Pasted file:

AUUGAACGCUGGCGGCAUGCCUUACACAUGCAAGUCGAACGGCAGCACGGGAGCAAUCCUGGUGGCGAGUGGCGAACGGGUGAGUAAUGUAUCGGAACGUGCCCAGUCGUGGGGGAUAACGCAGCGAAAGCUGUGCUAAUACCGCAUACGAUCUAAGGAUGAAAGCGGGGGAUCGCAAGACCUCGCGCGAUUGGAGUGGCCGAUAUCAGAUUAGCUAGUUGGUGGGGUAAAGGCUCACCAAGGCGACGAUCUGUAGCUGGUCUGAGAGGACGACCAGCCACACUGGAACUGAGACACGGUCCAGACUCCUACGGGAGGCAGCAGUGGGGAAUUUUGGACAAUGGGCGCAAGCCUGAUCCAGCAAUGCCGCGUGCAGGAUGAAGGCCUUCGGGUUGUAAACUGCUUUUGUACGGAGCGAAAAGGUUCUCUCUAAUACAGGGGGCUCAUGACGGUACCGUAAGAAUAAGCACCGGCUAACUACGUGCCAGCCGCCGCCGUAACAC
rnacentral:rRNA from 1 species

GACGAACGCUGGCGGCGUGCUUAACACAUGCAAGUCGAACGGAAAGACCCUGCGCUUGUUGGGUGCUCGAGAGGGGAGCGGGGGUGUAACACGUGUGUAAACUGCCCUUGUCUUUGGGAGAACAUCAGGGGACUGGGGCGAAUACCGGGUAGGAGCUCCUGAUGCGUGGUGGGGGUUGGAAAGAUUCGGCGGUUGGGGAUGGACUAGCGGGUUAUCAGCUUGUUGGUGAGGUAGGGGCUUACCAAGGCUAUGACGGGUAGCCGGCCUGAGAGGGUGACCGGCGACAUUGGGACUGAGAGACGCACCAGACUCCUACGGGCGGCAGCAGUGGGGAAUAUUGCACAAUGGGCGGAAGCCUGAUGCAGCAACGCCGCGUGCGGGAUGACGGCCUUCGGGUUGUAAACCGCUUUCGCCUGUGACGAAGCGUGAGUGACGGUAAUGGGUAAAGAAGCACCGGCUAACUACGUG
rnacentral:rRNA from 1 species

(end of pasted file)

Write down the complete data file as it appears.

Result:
AUUGAACGCUGGCGGCAUGCCUUACACAUGCAAGUCGAACGGCAGCACGGGAGCAAUCCUGGUGGCGAGUGGCGAACGGGUGAGUAAUGUAUCGGAACGUGCCCAGUCGUGGGGGAUAACGCAGCGAAAGCUGUGCUAAUACCGCAUACGAUCUAAGGAUGAAAGCGGGGGAUCGCAAGACCUCGCGCGAUUGGAGUGGCCGAUAUCAGAUUAGCUAGUUGGUGGGGUAAAGGCUCACCAAGGCGACGAUCUGUAGCUGGUCUGAGAGGACGACCAGCCACACUGGAACUGAGACACGGUCCAGACUCCUACGGGAGGCAGCAGUGGGGAAUUUUGGACAAUGGGCGCAAGCCUGAUCCAGCAAUGCCGCGUGCAGGAUGAAGGCCUUCGGGUUGUAAACUGCUUUUGUACGGAGCGAAAAGGUUCUCUCUAAUACAGGGGGCUCAUGACGGUACCGUAAGAAUAAGCACCGGCUAACUACGUGCCAGCCGCCGCCGUAACAC
rnacentral:rRNA from 1 species

GACGAACGCUGGCGGCGUGCUUAACACAUGCAAGUCGAACGGAAAGACCCUGCGCUUGUUGGGUGCUCGAGAGGGGAGCGGGGGUGUAACACGUGUGUAAACUGCCCUUGUCUUUGGGAGAACAUCAGGGGACUGGGGCGAAUACCGGGUAGGAGCUCCUGAUGCGUGGUGGGGGUUGGAAAGAUUCGGCGGUUGGGGAUGGACUAGCGGGUUAUCAGCUUGUUGGUGAGGUAGGGGCUUACCAAGGCUAUGACGGGUAGCCGGCCUGAGAGGGUGACCGGCGACAUUGGGACUGAGAGACGCACCAGACUCCUACGGGCGGCAGCAGUGGGGAAUAUUGCACAAUGGGCGGAAGCCUGAUGCAGCAACGCCGCGUGCGGGAUGACGGCCUUCGGGUUGUAAACCGCUUUCGCCUGUGACGAAGCGUGAGUGACGGUAAUGGGUAAAGAAGCACCGGCUAACUACGUG
rnacentral:rRNA from 1 species